I am struggling with some puzzling machine-underflow errors that I can't reduce to a form that makes sense to me, and I would like some help understanding what Mathematica is doing and what it is (or I am) getting wrong.

This comes from a bigger problem, but I've tried to reduce it as much as possible and this is the simplest instance that I can find:

Block[{ζ = 200},
 {#, N[#]} &[
  ζ^(3/2) Sqrt[1/( -1 + (E^(4 ζ)) )] 

On my machine, the instance itself evaluates reasonably well (to 2000 Sqrt[2/(-1 + E^800)]), but the N[#]'d version produces a General::munfl error and returns a value of 0.. This error goes away if:

  • I eliminate the -1 from the denominator, which makes sense; but also
  • if I remove the factor of ζ^(3/2) and
  • if I change the ζ = 200 assignment to ζ = 200.,

and the latter two make no sense to me.

Could one of you wizards shed some light on this weird stuff? What is causing this behaviour, and how do I avoid it?

(And more generally: This comes from a function that is defined via a symbolic integration. (More details available if they are relevant.) The best outcome would be a numerical-handling procedure that I can apply to the results of that symbolic integration that will prevent errors like these from creeping in.)

Edit: OK, I've been able (I think) to narrow down the source of the flagged error (or at least one of them). The N[#] evaluation seems to be going through a multiplication of the form

(8.`*^6 )*(3.6`2*^-348)

(where the 3.6`2 is actually to precision $\sim$13.05..., but that seems not to affect the output) which produces the error message

General::munfl: $8.\times 10^6 \ 3.6\times 10^{-348}$ is too small to represent as a normalized machine number; precision may be lost.

and returns the value 0.. This feels completely bonkers to me: if 3.6`2*^-348 is a perfectly fine number, why would making it bigger by a factor of a million suddenly make it too small to handle?

Zooming out a bit, the problem seems to be that the factor of 8.`*^6 (which for this example ultimately comes from the $\zeta^{3/2}$, but in general could be anything that multiplied the 3.6`2*^-348) is at machine precision, whereas the result of the exponential,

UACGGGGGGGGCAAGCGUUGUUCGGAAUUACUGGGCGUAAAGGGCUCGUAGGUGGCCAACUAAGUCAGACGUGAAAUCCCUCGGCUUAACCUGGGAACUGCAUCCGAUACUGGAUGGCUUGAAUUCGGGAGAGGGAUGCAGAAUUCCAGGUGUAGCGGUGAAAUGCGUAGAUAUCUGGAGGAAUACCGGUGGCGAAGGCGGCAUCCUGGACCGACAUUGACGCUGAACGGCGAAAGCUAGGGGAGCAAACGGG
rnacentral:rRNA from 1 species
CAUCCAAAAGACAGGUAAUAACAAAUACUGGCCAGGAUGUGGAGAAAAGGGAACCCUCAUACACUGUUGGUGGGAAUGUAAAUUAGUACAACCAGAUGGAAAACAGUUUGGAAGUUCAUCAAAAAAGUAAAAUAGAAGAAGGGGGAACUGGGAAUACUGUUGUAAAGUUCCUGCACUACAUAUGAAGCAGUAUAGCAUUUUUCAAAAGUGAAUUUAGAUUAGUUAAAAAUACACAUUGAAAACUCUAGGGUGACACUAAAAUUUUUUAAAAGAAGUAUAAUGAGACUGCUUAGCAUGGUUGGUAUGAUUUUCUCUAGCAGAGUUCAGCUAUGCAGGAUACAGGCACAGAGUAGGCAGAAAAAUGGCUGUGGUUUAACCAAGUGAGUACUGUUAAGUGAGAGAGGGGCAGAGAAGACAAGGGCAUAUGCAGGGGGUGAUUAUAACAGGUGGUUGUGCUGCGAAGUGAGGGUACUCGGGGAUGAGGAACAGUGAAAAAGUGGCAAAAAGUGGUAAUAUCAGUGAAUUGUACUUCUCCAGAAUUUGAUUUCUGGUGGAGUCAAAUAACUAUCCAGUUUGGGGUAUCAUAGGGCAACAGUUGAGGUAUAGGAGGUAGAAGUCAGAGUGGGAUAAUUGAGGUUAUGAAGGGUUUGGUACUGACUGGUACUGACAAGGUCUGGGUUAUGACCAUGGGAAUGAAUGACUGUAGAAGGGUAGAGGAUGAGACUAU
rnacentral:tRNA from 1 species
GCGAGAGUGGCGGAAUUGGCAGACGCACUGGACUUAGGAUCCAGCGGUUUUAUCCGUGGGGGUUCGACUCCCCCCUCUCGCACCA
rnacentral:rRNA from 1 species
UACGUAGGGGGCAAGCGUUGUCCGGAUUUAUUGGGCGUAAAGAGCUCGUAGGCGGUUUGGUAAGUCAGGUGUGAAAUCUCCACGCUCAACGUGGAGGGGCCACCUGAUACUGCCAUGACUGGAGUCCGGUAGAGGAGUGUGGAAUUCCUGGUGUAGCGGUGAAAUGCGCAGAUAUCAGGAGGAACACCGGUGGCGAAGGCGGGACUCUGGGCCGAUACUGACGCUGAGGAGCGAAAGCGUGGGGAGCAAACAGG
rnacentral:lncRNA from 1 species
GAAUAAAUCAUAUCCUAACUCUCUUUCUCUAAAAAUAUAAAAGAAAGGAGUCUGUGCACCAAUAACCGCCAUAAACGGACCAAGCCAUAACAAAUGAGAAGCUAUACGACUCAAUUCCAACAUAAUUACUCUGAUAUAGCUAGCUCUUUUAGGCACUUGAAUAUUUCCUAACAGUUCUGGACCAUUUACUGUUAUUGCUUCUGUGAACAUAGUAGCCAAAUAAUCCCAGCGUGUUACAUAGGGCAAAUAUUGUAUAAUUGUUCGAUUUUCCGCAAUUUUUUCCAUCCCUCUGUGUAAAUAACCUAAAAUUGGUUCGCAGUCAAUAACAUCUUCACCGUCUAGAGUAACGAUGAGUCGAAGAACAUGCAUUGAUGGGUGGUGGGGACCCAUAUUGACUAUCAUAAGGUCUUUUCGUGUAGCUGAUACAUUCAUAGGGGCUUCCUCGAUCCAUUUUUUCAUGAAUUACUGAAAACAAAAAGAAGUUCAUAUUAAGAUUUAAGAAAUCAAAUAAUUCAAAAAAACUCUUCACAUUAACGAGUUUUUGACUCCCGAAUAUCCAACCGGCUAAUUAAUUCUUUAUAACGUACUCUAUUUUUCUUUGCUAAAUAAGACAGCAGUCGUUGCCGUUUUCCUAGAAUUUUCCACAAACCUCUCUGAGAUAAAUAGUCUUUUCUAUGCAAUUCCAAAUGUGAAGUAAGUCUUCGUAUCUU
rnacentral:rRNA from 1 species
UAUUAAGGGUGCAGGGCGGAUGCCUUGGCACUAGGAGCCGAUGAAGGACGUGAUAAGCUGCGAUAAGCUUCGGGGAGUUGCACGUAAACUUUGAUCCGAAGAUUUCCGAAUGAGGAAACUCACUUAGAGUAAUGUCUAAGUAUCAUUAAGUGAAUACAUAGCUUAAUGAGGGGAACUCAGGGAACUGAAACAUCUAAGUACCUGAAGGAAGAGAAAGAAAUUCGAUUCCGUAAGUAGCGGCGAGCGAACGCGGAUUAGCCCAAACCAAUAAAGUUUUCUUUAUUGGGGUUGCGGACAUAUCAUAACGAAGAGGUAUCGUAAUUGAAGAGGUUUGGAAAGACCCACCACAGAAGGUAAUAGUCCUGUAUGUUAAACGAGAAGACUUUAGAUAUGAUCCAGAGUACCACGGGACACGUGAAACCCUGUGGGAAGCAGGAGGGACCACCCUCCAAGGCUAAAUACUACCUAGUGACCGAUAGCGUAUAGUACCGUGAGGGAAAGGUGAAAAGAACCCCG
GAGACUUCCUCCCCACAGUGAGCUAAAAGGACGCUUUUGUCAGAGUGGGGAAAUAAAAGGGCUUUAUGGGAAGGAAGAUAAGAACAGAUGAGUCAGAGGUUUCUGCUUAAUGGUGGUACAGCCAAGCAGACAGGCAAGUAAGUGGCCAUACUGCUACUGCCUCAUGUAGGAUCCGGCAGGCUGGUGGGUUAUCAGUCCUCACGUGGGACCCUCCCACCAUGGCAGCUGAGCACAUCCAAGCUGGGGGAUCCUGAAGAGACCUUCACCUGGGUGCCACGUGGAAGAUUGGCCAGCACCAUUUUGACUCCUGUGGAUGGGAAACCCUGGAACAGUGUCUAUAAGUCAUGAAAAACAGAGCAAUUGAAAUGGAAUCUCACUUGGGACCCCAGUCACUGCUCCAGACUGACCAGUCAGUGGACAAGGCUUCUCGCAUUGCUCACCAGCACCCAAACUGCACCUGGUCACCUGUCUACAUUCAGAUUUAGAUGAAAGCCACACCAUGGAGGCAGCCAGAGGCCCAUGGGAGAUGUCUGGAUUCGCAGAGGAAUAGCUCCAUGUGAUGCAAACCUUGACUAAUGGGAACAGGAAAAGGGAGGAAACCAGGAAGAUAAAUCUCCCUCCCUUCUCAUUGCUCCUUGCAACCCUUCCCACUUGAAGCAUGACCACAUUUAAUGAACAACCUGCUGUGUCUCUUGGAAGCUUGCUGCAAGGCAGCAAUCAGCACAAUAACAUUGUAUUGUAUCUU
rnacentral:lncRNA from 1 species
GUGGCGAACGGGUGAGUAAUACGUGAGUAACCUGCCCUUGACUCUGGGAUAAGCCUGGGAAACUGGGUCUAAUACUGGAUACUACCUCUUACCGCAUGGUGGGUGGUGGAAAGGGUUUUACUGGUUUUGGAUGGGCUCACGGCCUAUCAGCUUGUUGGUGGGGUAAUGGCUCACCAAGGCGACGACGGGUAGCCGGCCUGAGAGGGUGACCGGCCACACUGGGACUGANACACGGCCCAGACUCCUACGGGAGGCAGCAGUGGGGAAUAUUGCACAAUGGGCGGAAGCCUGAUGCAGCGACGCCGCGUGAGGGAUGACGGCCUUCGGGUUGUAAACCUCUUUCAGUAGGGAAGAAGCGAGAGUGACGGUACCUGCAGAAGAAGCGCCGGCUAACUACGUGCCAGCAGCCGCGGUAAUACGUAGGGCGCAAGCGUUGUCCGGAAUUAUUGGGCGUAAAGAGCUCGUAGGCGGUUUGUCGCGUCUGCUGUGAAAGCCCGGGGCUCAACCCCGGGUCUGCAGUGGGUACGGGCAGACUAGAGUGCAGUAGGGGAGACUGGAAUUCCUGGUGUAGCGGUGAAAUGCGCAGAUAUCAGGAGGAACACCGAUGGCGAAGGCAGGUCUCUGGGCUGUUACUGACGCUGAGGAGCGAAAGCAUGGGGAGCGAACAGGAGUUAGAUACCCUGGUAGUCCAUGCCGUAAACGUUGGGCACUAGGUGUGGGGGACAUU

is not. How can this be avoided?

  • 3
    $\begingroup$ Your best shot for working around this would be to use arbitrary precision arithmetic, e.g. N[...,20]. $\endgroup$ Mar 18, 2022 at 14:59
  • $\begingroup$ @DanielLichtblau Yes, it does look like it comes down to precision considerations. I don't particularly care for high-precision calculations (machine precision is just fine), but I do want it to retain that level of precision even if it needs to temporarily hop through some numbers that have very high or very low exponents. $\endgroup$ Mar 18, 2022 at 16:24
  • $\begingroup$ Note that Exp[800.] cannot be, and is not according to the InputForm, represented at machine precision. On overflow such as this, the number is promoted to arbitrary precision. However, on underflow, the result becomes machine zero (since V11.3). Compare {1/Exp[800.], Exp[-800.]}. -- If the factors are positive reals, try Block[{ζ = 200}, {#, Exp@N[PowerExpand@Log@#]} &[ζ^(3/2) Sqrt[1/(-1 + (E^(4 ζ)))]]]. I cannot guarantee it will always work, though, but it works on your expression. $\endgroup$
    – Michael E2
    Mar 18, 2022 at 16:34
  • $\begingroup$ If you don't want an arbitrary-precision result, you can use N twice; first with arbitrary precision then with machine precision. For example, Block[{ζ = 200}, {#, N[#, 20] // N} &[ζ^(3/2) Sqrt[1/(-1 + (E^(4 ζ)))]]] $\endgroup$
    – Bob Hanlon
    Mar 18, 2022 at 17:21
  • 1
    $\begingroup$ Since we now automatically underflow-to-machine-zero, there really is no chance for doing the computation in machine arithmetic and avoiding that situation. $\endgroup$ Mar 18, 2022 at 21:45

1 Answer 1


3.6`2*^-348 is a "perfectly fine" controlled-precision number, but it cannot be represented in machine precision. If, in an arithmetic operation, one operand has machine precision, Mathematica generally converts the others to machine precision before performing the operation. That's usually what you want for efficiency. So, (8.`*^6 )*(3.6`2*^-348) underflows.

If you need to "temporarily hop through some numbers that have very high or very low exponents" you'll need to code that in terms of arbitrary precision or logarithms. You cannot force machine numbers to directly represent quantities beyond their design limits.


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